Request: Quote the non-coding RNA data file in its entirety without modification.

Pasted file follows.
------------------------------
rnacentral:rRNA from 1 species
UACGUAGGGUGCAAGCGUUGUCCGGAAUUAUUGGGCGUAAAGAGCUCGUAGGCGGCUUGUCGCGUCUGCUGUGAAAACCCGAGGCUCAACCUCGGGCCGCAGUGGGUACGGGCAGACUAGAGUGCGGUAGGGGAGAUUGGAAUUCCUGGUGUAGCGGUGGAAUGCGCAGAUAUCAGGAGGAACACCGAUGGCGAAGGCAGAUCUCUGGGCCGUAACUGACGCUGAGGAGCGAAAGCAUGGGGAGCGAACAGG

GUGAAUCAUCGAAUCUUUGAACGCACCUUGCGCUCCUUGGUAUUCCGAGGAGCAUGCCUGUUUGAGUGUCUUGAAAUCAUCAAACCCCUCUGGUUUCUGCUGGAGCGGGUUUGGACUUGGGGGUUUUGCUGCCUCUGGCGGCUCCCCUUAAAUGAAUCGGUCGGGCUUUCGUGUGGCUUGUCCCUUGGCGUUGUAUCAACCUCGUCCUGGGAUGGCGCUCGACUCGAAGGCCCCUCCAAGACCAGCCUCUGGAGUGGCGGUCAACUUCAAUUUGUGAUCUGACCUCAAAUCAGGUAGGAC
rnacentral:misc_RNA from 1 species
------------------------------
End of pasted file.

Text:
rnacentral:rRNA from 1 species
UACGUAGGGUGCAAGCGUUGUCCGGAAUUAUUGGGCGUAAAGAGCUCGUAGGCGGCUUGUCGCGUCUGCUGUGAAAACCCGAGGCUCAACCUCGGGCCGCAGUGGGUACGGGCAGACUAGAGUGCGGUAGGGGAGAUUGGAAUUCCUGGUGUAGCGGUGGAAUGCGCAGAUAUCAGGAGGAACACCGAUGGCGAAGGCAGAUCUCUGGGCCGUAACUGACGCUGAGGAGCGAAAGCAUGGGGAGCGAACAGG

GUGAAUCAUCGAAUCUUUGAACGCACCUUGCGCUCCUUGGUAUUCCGAGGAGCAUGCCUGUUUGAGUGUCUUGAAAUCAUCAAACCCCUCUGGUUUCUGCUGGAGCGGGUUUGGACUUGGGGGUUUUGCUGCCUCUGGCGGCUCCCCUUAAAUGAAUCGGUCGGGCUUUCGUGUGGCUUGUCCCUUGGCGUUGUAUCAACCUCGUCCUGGGAUGGCGCUCGACUCGAAGGCCCCUCCAAGACCAGCCUCUGGAGUGGCGGUCAACUUCAAUUUGUGAUCUGACCUCAAAUCAGGUAGGAC
rnacentral:misc_RNA from 1 species